'readers at the popular liberal website Daily Kos highlighted how "she didn't mean to be racist", "Arquette is just a celebrity who shouldn't be held to a high standard"...'

I wonder how many of these same commenters will complain day and night about anything Kanye says.

kokanee said...

Good insights!

P. S. The first link didn't work. It's voir vs. vior.


kokanee said...

Speaking about adult film stars and the economy around them, you likely know this...
I didn't! I would have thought it was the other way around! Silly me...

Buddy H said...

Inspired by Patricia Arquette’s speech at the Oscars about wage inequality, three-time WWE Divas champion A.J. Lee accused the league of paying female wrestlers less than their male counterparts.

D. Wright said...

You've thoroughly demonstrated Feminism's compliance to racism and White Supremacy, but I wonder: could Feminism be anything but racist in a White Colonial Republic? Feminism's goals have always oriented towards the incorporation and negotiation of (White) Women with the existing White Supremacist power structure rather than destroying it.

Methinks the answer is, "No".

Buddy H said...

amusing reaction from the folks at the Onion:

“I have to say, this makes professional wrestling look embarrassingly outdated.”

“You know the WWE is going to draw out this wage discrimination storyline at least until SummerSlam.”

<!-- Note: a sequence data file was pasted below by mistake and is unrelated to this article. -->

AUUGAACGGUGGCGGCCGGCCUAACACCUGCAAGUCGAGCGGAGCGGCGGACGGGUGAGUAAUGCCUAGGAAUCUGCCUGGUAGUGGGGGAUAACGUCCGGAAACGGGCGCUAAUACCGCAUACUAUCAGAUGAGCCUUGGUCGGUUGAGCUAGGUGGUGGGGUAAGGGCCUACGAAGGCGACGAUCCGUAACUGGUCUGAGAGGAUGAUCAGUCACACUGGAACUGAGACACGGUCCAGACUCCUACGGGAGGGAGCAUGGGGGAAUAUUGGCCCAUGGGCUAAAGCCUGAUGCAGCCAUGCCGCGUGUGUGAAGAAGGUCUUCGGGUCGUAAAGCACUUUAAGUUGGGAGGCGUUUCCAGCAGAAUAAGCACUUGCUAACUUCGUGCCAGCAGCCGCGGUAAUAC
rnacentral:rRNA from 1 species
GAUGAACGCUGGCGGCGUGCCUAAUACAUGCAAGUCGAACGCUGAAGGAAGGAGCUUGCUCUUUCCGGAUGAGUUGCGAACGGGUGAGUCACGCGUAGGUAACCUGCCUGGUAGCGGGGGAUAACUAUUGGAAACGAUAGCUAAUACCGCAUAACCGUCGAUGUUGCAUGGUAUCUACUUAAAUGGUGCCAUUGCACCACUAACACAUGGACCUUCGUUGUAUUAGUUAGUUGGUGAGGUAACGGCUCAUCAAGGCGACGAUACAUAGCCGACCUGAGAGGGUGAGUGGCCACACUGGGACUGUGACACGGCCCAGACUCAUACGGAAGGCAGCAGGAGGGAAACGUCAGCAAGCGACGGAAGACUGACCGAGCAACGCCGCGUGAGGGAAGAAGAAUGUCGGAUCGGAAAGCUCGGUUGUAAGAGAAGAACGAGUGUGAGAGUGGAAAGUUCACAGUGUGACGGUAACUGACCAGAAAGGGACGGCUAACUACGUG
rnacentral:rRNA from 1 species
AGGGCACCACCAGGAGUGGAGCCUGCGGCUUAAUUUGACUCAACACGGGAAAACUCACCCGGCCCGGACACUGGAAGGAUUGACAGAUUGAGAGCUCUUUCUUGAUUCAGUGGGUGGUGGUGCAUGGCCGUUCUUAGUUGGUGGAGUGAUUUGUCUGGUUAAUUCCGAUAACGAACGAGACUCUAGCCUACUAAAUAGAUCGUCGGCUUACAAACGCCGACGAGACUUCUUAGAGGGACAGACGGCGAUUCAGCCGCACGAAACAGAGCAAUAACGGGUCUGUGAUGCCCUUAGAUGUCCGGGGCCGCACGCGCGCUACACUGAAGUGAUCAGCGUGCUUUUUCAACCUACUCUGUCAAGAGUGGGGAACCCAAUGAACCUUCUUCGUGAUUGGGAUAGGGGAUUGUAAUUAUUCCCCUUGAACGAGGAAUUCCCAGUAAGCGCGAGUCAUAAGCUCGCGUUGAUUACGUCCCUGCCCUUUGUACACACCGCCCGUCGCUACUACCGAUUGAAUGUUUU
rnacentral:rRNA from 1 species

joe manning said...

Here's the link again http://en.wikipedia.org/wiki/Shulamith_Firestone

waterwitch said...

Giving huge benefit of the doubt, I wonder if Arquette was making a distinction between people of color (read as male) and women (maybe, maybe, read as including White and POC)?

Doubt wins, unfortunately. There's a very common distinction in White discourse between POC and "women." Affirmative Action, for example, was/is seen as beneficial to "African Americans" and "women," as though there were no overlap between those two groups. In White discourse, "women" is read as "White women," and POC is read as male, and wom
en of color are disappeared, again--a history that goes right back to White suffragists jettisoning African-American women to help ensure "women's" suffrage got the votes of Southern congressmen.

So. I think I answered my own question. It's most likely (given the discourse) that she was thinking "men of color" and "White women" who have helped them. And of course, historically, there's just so much wrong with the naive belief that White women have helped men of color .

Black Sci-Fi said...

The alternative slogan for PUMA: "Carry our sign, from the back of the line"

joe manning said...

Its voir vis a vis stone.